Book review: Warwick’s Mermaid by Ellie Gray

Warwick's MermaidWarwick’s Mermaid by Ellie Gray

My rating: 4 of 5 stars

This is a sweet romance set in Whitby. Chloe is recovering after escaping an abusive relationship. Arguably, her relationship with her mother is also bordering on abusive, but in a very different way. She’s rented a cottage on one side of an isolated bay.
Luke has rented the cottage on the other side of the bay.
There’s a good amount of intrigue and angst and romance. It’s a gentle, sweet read.
[And I love the title!]

Buy Link UK: Warwick’s Mermaid
Buy Link US: Warwick’s Mermaid

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Book review: Emma Ever After by Brigid Coady

Emma Ever AfterEmma Ever After by Brigid Coady

My rating: 4 of 5 stars

This is a modern adaptation of Emma, not the easiest of stories to adapt because not a lot happens and Emma is so, well, Clueless.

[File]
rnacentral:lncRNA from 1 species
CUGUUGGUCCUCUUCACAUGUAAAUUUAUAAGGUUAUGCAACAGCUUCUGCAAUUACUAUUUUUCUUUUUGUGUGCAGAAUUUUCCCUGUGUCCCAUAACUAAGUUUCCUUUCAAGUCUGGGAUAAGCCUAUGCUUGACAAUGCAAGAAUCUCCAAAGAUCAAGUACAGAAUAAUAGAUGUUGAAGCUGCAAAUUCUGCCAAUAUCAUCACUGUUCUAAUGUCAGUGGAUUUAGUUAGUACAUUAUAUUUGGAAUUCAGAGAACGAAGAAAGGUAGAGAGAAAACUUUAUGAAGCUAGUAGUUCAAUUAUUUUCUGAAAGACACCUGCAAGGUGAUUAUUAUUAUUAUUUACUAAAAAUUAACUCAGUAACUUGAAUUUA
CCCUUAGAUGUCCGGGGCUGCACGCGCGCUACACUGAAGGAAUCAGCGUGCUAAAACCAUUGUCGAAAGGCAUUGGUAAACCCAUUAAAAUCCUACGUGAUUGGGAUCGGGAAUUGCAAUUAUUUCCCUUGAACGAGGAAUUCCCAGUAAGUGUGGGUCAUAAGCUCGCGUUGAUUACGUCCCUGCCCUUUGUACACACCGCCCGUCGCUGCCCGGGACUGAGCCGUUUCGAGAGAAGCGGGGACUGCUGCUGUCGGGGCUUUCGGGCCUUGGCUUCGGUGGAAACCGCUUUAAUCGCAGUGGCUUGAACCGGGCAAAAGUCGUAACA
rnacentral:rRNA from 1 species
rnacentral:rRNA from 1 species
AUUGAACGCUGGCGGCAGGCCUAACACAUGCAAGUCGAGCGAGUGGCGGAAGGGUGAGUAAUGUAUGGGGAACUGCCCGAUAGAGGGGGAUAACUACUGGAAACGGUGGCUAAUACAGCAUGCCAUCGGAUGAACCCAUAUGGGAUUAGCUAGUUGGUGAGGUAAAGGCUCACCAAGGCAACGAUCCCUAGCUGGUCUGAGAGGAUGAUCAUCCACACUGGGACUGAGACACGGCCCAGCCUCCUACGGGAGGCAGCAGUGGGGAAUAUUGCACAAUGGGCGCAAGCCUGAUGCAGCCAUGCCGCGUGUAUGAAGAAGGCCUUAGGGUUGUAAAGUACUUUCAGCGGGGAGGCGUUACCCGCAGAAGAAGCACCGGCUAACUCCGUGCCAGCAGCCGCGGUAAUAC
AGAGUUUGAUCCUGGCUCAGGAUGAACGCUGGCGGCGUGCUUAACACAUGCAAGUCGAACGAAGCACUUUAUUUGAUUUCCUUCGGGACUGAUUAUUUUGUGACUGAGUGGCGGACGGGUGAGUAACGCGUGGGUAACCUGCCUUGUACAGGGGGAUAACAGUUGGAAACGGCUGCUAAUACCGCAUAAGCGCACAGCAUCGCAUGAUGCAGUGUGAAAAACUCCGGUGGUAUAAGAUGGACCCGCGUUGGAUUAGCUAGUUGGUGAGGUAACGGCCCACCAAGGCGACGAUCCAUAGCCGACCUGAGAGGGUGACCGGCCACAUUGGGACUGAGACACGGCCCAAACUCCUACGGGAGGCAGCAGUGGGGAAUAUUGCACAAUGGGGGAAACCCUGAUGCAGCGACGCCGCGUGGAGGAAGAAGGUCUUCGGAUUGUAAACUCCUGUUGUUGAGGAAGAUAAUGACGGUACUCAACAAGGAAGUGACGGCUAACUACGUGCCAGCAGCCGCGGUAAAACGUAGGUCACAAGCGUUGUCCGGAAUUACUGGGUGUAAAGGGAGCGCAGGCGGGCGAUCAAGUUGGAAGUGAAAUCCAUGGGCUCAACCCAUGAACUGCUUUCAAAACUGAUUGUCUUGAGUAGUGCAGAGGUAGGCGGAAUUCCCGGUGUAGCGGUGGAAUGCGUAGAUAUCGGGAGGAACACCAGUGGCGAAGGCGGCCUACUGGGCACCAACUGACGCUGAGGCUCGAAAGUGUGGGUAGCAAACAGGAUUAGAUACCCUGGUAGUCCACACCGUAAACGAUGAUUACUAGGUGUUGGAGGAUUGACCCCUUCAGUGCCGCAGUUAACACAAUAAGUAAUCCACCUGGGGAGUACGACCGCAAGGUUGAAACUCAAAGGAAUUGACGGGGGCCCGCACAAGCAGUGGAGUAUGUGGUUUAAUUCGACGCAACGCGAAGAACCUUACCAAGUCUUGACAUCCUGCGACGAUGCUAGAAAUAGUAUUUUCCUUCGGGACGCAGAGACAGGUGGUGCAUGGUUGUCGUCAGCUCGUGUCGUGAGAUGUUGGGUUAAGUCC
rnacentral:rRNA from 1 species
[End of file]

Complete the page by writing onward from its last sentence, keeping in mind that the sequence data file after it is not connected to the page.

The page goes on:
In this version Emma works for a PR firm, coming up with faux-mances between celebrities for PR purposes. She lives with Gee Knightly, former boy band superstar.
Gee was a really interesting character. Emma was well meaning but a bit of an idiot. The supporting cast were interesting and varied.
I enjoyed the stuff about the Breach of The Peace fandom very much. I also found the discussion of the popular perception of bi-sexual people thought provoking. It was nice to see a bi-sexual hero in a mainstream romance novel.
A great adaptation of a classic.

Buy link UK: Emma Ever After
Buy link US: Emma Ever After

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Book Review: Heath’s Hope by Alicia Hunter Pace

Heath's HopeHeath’s Hope by Alicia Hunter Pace

My rating: 5 of 5 stars

This is a novella set in the small town of Beauford Bend. I bought it was part of a box set of beta hero books by Crimson Romance.

Hope is back in town to help look after her father. She’s a banker. She left town after splitting up with Heath broke her heart and is surprised to see him there.
Heath is a specialist stained glass artist. He moved his business back to town after his first wife died.

Both the main characters are adorable and had real depth to them. The secondary characters who lived in the town were vivid and believable, especially the two sisters who run the knitting shop.

If you want warm and fuzzy feels, this is a good book for that.